Trump Impeachment

Career Foreign Service officer George Kent, left, and top U.S. diplomat in Ukraine Bill Taylor are sworn in to testify during the first public impeachment hearing of the House Intelligence Committee on Wednesday.

WASHINGTON — President Donald Trump said Wednesday that he had not watched one minute of the initial public impeachment hearing because he was “too busy.”

Several Midlands lawmakers also found it challenging to fit real time testimony watching into their packed schedules.

“I have been busy attending committee hearings and meeting with visiting constituents,” Rep. Don Bacon said in a statement.

The Omaha-area Republican congressman characterized the impeachment inquiry as a distraction from other congressional priorities such as fully funding the military and ratifying a new North American trade pact.

Bacon also said he was concerned to hear that the witnesses at Wednesday’s hearing had not spoken directly to the president.

Democrats have responded to that Republican defense of Trump, in part, by noting that the White House has moved to prevent testimony from officials who might have more firsthand information about the push to get Ukraine to investigate former Vice President Joe Biden.

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Bill Taylor, top U.S. diplomat to Ukraine, and George Kent, a high-ranking State Department official, testified about those efforts before the House Intelligence Committee and its chairman, Rep. Adam Schiff, D-Calif.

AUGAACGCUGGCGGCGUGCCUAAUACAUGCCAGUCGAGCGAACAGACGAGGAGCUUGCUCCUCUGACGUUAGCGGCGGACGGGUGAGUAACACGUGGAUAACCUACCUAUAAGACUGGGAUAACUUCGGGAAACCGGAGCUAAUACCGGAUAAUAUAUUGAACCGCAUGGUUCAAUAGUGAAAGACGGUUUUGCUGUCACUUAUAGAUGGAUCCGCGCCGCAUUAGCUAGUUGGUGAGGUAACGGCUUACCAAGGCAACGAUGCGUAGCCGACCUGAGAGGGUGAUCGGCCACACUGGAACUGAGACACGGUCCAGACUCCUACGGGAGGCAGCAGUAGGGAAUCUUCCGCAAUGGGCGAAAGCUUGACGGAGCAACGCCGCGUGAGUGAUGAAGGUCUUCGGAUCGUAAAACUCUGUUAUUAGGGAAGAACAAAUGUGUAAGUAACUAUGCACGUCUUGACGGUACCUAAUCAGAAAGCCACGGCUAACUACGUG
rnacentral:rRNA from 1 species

Rep. Adrian Smith, R-Neb., said during a conference call with reporters that he wants to hear out impeachment witnesses. But Smith also said that based on what he has seen thus far, the case against the president is overblown and does not rise to the level of impeachable conduct.

“My staff is watching closely,” Smith said of the hearing. “I try to watch when I can.”

Rep. Jeff Fortenberry, R-Neb., said in a statement that he watched as much of the hearing as he could on television, stopped by the hearing room personally and talked to a member of the committee.

“It is important to note that there are other important things going on in Congress,” Fortenberry said.

On the other side of the Capitol, Sen. Deb Fischer, R-Neb., told The World-Herald that her schedule was filled with hearings, meetings and votes but that she expected to get information later from her staff about the day’s session.

It was not immediately clear whether Sen. Ben Sasse, R-Neb., watched any of the hearing.

In response to questions, Sasse spokesman James Wegmann said in a statement that the senator takes his responsibilities on the Senate Intelligence Committee seriously and would not “waste time doing play-by-play commentary on Adam Schiff’s circus.”

Both of Iowa’s Republican Senators, Joni Ernst and Chuck Grassley, planned to catch up on the proceedings later.

Grassley said he expected various aides to watch the testimony as the inquiry goes forward and provide him with daily briefings.

One person who did catch much of Wednesday’s hearing was Nebraska Democratic Party Chair Jane Kleeb.

“Mr. Kent and Ambassador Taylor are career officials with impeccable resumes and records of service to our country,” Kleeb said in a statement. “Their testimony was stellar. The GOP committee members were grasping at straws and slinging canned talking points to defend President Trump. And they failed.”

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Reporter - Politics/Washington D.C.

Joseph Morton is The World-Herald Washington Bureau Chief. Morton joined The World-Herald in 1999 and has been reporting from Washington for the newspaper since 2006. Follow him on Twitter @MortonOWH.

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